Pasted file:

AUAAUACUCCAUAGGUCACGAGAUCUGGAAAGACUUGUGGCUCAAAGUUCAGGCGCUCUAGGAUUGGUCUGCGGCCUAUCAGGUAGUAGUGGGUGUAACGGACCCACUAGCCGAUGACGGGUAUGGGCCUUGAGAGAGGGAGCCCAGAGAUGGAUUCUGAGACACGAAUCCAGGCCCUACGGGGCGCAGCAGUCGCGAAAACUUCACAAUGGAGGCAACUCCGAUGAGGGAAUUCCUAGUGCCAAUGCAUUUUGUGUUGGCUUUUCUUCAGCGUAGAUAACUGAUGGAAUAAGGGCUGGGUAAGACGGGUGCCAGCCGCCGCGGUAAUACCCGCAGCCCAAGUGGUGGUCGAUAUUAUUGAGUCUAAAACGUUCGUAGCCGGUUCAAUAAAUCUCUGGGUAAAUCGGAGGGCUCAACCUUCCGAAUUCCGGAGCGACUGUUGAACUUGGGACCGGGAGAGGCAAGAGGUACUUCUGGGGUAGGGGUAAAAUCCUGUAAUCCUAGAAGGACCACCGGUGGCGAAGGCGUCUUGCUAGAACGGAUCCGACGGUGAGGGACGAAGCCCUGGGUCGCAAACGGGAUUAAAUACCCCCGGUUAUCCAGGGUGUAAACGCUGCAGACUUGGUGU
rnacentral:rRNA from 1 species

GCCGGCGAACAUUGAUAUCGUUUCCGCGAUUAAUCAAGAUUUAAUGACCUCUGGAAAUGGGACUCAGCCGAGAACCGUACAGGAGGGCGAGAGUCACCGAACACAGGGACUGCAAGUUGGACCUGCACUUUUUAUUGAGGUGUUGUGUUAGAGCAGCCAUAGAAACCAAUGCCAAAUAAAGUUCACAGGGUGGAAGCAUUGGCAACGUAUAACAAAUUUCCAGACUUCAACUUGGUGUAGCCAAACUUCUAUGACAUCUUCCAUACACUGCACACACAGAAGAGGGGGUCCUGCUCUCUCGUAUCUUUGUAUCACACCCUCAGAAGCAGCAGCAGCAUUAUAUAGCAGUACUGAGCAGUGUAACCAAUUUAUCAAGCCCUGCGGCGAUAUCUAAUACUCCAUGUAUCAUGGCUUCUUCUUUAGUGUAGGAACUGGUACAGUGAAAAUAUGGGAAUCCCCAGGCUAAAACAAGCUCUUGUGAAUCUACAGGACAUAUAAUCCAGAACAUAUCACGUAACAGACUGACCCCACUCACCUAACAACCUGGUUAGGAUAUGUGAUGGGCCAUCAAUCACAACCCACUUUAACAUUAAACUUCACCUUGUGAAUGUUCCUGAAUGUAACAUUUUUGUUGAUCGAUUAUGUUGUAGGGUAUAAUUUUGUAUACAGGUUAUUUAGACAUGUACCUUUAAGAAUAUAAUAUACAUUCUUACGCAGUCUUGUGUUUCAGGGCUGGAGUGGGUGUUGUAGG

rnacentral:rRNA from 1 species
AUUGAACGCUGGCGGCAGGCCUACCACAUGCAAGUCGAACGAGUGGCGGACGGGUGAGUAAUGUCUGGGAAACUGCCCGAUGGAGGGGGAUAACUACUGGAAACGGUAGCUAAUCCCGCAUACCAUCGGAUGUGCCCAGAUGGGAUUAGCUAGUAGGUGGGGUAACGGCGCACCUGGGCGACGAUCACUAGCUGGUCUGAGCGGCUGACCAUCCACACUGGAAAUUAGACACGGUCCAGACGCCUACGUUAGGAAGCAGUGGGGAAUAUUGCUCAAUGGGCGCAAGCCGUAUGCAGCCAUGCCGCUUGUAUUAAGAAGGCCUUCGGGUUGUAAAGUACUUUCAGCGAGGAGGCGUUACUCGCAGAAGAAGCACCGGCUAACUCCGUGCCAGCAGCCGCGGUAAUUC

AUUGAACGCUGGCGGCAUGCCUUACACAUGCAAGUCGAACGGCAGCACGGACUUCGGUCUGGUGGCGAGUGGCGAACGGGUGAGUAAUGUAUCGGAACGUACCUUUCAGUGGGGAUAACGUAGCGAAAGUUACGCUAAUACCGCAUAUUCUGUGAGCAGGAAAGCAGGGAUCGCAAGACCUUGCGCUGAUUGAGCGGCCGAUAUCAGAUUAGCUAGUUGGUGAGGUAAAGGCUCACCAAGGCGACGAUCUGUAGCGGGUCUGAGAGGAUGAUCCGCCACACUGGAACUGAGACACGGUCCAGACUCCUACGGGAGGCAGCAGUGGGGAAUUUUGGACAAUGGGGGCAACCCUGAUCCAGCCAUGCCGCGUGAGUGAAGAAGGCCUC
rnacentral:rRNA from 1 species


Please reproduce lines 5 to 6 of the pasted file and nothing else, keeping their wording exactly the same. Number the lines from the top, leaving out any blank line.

AUUGAACGCUGGCGGCAGGCCUACCACAUGCAAGUCGAACGAGUGGCGGACGGGUGAGUAAUGUCUGGGAAACUGCCCGAUGGAGGGGGAUAACUACUGGAAACGGUAGCUAAUCCCGCAUACCAUCGGAUGUGCCCAGAUGGGAUUAGCUAGUAGGUGGGGUAACGGCGCACCUGGGCGACGAUCACUAGCUGGUCUGAGCGGCUGACCAUCCACACUGGAAAUUAGACACGGUCCAGACGCCUACGUUAGGAAGCAGUGGGGAAUAUUGCUCAAUGGGCGCAAGCCGUAUGCAGCCAUGCCGCUUGUAUUAAGAAGGCCUUCGGGUUGUAAAGUACUUUCAGCGAGGAGGCGUUACUCGCAGAAGAAGCACCGGCUAACUCCGUGCCAGCAGCCGCGGUAAUUC

AUUGAACGCUGGCGGCAUGCCUUACACAUGCAAGUCGAACGGCAGCACGGACUUCGGUCUGGUGGCGAGUGGCGAACGGGUGAGUAAUGUAUCGGAACGUACCUUUCAGUGGGGAUAACGUAGCGAAAGUUACGCUAAUACCGCAUAUUCUGUGAGCAGGAAAGCAGGGAUCGCAAGACCUUGCGCUGAUUGAGCGGCCGAUAUCAGAUUAGCUAGUUGGUGAGGUAAAGGCUCACCAAGGCGACGAUCUGUAGCGGGUCUGAGAGGAUGAUCCGCCACACUGGAACUGAGACACGGUCCAGACUCCUACGGGAGGCAGCAGUGGGGAAUUUUGGACAAUGGGGGCAACCCUGAUCCAGCCAUGCCGCGUGAGUGAAGAAGGCCUC